With the holidays behind us, it’s time to scale back, tighten the belt, buckle down, and engage in other cliches that mean spending less money on booze. This week, we’ll start considering the best ways to save a little cash and still drink well, one spirit at a time.
Today, I’m covering bourbon. [Read more, at Serious Eats]
Resolve in 2014 to be a better you! Bear-hug your youness! Revel in the youness that is your youness. Encourage everyone to also embrace your youness. Especially the cute co-worker you keep trying to talk to in the break room.
Or. Don’t do any of that. It’s creepy.
Instead, relax and have a drink. Take a break and think about all the boozy stuff you ever wanted to do. Now’s your year. If you don’t have any boozy stuff you always wanted to do, here are a few ideas.
With Christmas and New Year’s approaching, I know that many people take this time to restock their home bars for parties, for unexpected guests, or just to take the edge off after visiting relatives or attending holiday parties.
Splurging on expensive or hard-to-find bottles is always going to be a holiday thing, but even if you can find Pappy, you’re probably not going to drink it every day. Likewise, that bottle of the 10th anniversary Peat Monster is also a special-night-at-home drink.
So you stock up on the tried-and-trues at the holidays because, well, they’re the tried and true. Over the years, I’ve developed a list of go-to brands: fairly affordable bottles that don’t disappoint and generally stay consistent from year to year. In most cases, these spirits all mix very well and taste great on their own, so they’re not just good, they’re versatile, too.
[Read ‘em all!]
My latest, at Serious Eats, is a glimpse at bartender lingo. Behind the stick, building a drink, rolling a drink, buy backs … that sort of thing.
But I was thrilled to see that the amazing new drinks website, PUNCH, mentioned this one.
Don’t read PUNCH? Read it, or I will steal all your brown spirits.
I love Game of Thrones, and I love Charles Dance’s portrayal of Tywin Lannister. I also love scotch whisky.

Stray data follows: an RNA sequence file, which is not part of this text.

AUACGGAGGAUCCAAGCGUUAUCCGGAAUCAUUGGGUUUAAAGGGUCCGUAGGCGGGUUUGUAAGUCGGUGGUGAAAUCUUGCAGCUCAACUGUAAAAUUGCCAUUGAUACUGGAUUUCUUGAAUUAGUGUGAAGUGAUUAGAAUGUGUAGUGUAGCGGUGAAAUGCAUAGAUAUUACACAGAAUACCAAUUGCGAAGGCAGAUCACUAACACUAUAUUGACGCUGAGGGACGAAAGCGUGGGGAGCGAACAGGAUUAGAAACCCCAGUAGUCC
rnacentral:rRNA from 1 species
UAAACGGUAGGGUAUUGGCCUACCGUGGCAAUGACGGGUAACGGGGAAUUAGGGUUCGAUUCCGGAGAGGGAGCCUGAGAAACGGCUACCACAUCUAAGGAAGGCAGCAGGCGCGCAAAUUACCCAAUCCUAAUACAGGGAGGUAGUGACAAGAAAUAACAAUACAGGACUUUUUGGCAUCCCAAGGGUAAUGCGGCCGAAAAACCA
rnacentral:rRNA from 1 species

Pat yourself on the back: you made it through Thanksgiving dinner with Uncle Edgar and his creepy new wife, and you even made it through Black Friday without getting trampled at Wal-Mart. But you’re not done yet, pilgrim. It’s time to shop. If you’re having trouble thinking of great presents for your favorite spirits aficionados, we’re here to help. These gifts will be a hit with cocktailians, home mixologists, and fanciers of booze in general.
Most of you have probably seen this infographic.
I know, the text is small. Go over to the DISCUS site to see the original.
I‘m compiling my annual gift guide for Serious Eats, looking at cool products for your home bar. This measuring beaker from Williams Sonoma caught my eye.
I love the idea of a product like this. It’s nothing I’d use daily, because of its breakability, but I’d definitely bring it out if we were having a couple of close friends over for drinks and dinner. It’s a great piece for entertaining.
Except, look at it closely.
Look very closely. See what it lacks, bar geeks.
Said the drunken sot to the drunken sot, “Do you see what I see? There on the beaker, drunken sot. Do you see what I see?”
Argh! You’re right! It only measures in full ounces. Need half an ounce of vermouth or other ingredient? Go to hell! You can’t do that with this one! Grump. It’s really cool looking otherwise. I guess if I just wanted a show piece, this would be fine. As a practical tool, though, nope.
The holidays are coming and the geese are getting fat. It’s time to pull some party ideas from an old man’s hat. I would say that everyone loves a holiday party, but that’s just not true; many of them suck. Here are a few tips that should help ensure that yours is of the non-sucky variety.
From Shanken News Daily, a look at the rise of rye whiskey.
Rye Whiskey Rising Fast, Spurred By Dynamic On-Trade Cocktail Culture
The U.S. whisk(e)y renaissance and vibrant cocktail culture have created ideal timing for rye whiskey’s serious return to the marketplace. The category, which never really recovered from Prohibition (1920-1933) and was relegated to near-oblivion as other whisk(e)y categories filled the void, is now back on track and making headway with support from some of the biggest U.S. whiskey producers.
[Link to full article.]